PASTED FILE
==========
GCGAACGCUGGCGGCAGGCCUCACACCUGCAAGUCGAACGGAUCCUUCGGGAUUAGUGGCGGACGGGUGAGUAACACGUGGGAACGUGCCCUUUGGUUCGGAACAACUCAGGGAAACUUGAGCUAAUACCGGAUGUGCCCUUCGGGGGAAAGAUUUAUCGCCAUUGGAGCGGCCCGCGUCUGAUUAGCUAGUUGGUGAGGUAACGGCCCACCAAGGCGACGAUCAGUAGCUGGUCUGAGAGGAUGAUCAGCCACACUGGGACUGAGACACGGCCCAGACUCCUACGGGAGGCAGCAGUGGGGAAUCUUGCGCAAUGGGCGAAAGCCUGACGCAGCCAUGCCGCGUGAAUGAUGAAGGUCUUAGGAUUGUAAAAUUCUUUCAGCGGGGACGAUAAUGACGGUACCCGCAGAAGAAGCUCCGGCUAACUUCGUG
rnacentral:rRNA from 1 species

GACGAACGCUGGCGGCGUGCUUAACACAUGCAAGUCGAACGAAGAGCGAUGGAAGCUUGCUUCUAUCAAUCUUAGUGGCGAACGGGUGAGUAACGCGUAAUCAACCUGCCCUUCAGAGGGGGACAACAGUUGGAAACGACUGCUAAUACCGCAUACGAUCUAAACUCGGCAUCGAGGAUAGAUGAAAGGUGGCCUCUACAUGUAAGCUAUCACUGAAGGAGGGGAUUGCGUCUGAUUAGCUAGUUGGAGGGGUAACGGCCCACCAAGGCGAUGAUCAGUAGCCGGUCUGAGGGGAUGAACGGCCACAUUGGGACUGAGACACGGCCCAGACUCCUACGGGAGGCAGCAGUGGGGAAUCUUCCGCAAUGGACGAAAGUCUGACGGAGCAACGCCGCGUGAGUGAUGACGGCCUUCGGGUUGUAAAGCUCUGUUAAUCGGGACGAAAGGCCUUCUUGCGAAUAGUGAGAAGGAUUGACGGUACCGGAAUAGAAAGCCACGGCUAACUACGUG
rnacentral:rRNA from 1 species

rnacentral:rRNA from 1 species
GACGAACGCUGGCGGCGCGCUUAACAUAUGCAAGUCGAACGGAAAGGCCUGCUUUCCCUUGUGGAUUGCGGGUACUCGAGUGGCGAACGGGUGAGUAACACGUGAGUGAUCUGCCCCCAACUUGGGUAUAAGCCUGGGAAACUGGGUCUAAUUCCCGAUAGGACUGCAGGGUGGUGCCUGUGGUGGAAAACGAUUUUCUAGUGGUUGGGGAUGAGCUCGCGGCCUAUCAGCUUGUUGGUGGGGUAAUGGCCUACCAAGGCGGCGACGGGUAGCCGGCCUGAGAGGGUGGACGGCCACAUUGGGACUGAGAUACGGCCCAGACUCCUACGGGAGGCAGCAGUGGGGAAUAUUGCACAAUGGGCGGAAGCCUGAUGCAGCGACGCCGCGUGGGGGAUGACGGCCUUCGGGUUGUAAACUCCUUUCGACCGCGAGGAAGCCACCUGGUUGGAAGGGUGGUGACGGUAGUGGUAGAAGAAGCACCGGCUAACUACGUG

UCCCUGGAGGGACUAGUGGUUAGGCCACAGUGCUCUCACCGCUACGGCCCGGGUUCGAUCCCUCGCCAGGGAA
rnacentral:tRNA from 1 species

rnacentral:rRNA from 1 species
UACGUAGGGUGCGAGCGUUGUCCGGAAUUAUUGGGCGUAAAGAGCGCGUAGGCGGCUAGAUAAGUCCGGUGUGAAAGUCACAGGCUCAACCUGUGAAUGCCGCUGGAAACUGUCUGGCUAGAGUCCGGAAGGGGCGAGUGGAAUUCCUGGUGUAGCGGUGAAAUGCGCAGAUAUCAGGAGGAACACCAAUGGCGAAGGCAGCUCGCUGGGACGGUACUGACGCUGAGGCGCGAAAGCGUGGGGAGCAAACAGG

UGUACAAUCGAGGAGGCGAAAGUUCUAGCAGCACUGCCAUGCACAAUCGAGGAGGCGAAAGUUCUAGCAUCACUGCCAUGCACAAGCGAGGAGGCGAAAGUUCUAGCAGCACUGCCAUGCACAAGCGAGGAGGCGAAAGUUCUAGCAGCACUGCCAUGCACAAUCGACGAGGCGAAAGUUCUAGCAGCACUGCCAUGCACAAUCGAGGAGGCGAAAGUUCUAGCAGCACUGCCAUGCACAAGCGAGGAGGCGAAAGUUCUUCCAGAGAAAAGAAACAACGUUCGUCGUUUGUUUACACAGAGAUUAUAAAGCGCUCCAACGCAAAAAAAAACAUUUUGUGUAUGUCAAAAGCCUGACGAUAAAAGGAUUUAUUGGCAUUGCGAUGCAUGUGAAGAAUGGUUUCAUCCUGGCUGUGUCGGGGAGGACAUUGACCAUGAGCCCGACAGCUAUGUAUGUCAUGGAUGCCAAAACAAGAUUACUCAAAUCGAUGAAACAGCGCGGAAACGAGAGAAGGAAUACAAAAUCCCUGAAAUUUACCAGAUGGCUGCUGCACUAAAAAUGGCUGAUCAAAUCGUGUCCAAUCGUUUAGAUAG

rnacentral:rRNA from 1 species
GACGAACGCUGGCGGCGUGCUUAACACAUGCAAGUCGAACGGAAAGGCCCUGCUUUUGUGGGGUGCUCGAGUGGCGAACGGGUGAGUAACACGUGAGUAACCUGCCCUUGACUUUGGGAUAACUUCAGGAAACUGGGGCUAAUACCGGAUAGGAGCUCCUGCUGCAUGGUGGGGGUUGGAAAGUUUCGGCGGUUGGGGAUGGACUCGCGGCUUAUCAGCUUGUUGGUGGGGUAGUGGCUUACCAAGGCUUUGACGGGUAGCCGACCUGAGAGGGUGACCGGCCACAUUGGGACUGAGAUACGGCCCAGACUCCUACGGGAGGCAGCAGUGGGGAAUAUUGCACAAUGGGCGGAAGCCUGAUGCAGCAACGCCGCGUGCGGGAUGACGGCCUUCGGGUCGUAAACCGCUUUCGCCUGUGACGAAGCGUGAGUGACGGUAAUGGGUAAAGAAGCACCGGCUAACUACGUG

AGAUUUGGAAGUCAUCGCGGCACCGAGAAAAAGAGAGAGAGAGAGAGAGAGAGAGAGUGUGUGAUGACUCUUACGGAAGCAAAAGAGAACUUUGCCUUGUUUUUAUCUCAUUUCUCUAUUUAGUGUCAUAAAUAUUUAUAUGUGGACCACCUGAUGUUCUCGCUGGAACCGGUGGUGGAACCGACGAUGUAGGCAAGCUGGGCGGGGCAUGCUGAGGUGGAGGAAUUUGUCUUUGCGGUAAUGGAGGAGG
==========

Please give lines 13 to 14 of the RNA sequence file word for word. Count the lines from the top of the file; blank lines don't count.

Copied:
GACGAACGCUGGCGGCGUGCUUAACACAUGCAAGUCGAACGGAAAGGCCCUGCUUUUGUGGGGUGCUCGAGUGGCGAACGGGUGAGUAACACGUGAGUAACCUGCCCUUGACUUUGGGAUAACUUCAGGAAACUGGGGCUAAUACCGGAUAGGAGCUCCUGCUGCAUGGUGGGGGUUGGAAAGUUUCGGCGGUUGGGGAUGGACUCGCGGCUUAUCAGCUUGUUGGUGGGGUAGUGGCUUACCAAGGCUUUGACGGGUAGCCGACCUGAGAGGGUGACCGGCCACAUUGGGACUGAGAUACGGCCCAGACUCCUACGGGAGGCAGCAGUGGGGAAUAUUGCACAAUGGGCGGAAGCCUGAUGCAGCAACGCCGCGUGCGGGAUGACGGCCUUCGGGUCGUAAACCGCUUUCGCCUGUGACGAAGCGUGAGUGACGGUAAUGGGUAAAGAAGCACCGGCUAACUACGUG

AGAUUUGGAAGUCAUCGCGGCACCGAGAAAAAGAGAGAGAGAGAGAGAGAGAGAGAGUGUGUGAUGACUCUUACGGAAGCAAAAGAGAACUUUGCCUUGUUUUUAUCUCAUUUCUCUAUUUAGUGUCAUAAAUAUUUAUAUGUGGACCACCUGAUGUUCUCGCUGGAACCGGUGGUGGAACCGACGAUGUAGGCAAGCUGGGCGGGGCAUGCUGAGGUGGAGGAAUUUGUCUUUGCGGUAAUGGAGGAGG